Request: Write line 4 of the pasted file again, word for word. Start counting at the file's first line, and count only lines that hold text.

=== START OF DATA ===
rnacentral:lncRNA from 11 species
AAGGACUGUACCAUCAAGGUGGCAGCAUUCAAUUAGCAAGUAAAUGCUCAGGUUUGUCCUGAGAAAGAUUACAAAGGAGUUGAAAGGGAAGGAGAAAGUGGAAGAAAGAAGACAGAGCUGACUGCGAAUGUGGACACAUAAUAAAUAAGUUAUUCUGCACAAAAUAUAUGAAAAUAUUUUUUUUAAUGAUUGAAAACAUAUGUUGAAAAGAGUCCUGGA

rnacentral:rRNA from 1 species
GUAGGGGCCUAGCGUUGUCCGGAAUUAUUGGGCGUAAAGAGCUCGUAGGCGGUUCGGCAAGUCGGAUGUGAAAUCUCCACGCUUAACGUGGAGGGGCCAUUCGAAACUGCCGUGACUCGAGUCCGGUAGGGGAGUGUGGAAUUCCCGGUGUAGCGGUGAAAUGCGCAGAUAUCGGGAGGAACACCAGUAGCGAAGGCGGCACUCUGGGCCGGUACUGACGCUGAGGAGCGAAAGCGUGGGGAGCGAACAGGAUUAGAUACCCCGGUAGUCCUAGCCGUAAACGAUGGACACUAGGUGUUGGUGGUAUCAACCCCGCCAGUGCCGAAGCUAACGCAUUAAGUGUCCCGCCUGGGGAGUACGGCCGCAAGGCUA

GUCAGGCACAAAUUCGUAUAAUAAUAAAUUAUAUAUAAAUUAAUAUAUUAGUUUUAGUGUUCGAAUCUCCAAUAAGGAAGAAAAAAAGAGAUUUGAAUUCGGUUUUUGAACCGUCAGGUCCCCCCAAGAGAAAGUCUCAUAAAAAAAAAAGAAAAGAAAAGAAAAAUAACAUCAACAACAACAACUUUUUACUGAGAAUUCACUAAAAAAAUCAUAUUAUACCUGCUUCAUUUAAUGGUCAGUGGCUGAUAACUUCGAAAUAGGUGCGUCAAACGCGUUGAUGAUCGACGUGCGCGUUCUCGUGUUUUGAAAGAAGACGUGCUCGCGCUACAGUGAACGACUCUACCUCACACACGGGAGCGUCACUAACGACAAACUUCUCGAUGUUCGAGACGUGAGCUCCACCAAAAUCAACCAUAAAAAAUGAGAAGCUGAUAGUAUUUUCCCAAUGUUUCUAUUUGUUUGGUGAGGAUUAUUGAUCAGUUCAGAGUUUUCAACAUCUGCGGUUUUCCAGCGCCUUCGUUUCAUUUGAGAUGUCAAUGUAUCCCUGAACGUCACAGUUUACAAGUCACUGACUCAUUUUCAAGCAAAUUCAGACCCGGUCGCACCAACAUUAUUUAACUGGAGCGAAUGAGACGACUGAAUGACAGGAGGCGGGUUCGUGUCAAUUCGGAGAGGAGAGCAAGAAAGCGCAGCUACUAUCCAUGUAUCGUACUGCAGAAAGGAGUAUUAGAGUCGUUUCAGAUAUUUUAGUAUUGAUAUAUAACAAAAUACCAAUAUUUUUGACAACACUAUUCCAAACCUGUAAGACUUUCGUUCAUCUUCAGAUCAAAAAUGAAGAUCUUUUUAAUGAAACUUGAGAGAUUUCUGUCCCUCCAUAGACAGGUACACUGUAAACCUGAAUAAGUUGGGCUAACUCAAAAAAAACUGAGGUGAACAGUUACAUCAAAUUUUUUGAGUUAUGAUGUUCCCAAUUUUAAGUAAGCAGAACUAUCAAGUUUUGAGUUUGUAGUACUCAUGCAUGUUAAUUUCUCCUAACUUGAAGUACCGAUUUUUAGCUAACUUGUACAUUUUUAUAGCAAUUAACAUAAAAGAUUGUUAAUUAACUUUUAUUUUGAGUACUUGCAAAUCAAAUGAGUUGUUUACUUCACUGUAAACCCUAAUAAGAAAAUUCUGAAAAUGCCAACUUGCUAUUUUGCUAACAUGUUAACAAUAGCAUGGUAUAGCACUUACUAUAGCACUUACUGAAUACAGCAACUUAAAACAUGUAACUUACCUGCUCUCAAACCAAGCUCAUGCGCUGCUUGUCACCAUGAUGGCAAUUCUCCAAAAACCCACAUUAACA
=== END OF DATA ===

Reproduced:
GUAGGGGCCUAGCGUUGUCCGGAAUUAUUGGGCGUAAAGAGCUCGUAGGCGGUUCGGCAAGUCGGAUGUGAAAUCUCCACGCUUAACGUGGAGGGGCCAUUCGAAACUGCCGUGACUCGAGUCCGGUAGGGGAGUGUGGAAUUCCCGGUGUAGCGGUGAAAUGCGCAGAUAUCGGGAGGAACACCAGUAGCGAAGGCGGCACUCUGGGCCGGUACUGACGCUGAGGAGCGAAAGCGUGGGGAGCGAACAGGAUUAGAUACCCCGGUAGUCCUAGCCGUAAACGAUGGACACUAGGUGUUGGUGGUAUCAACCCCGCCAGUGCCGAAGCUAACGCAUUAAGUGUCCCGCCUGGGGAGUACGGCCGCAAGGCUA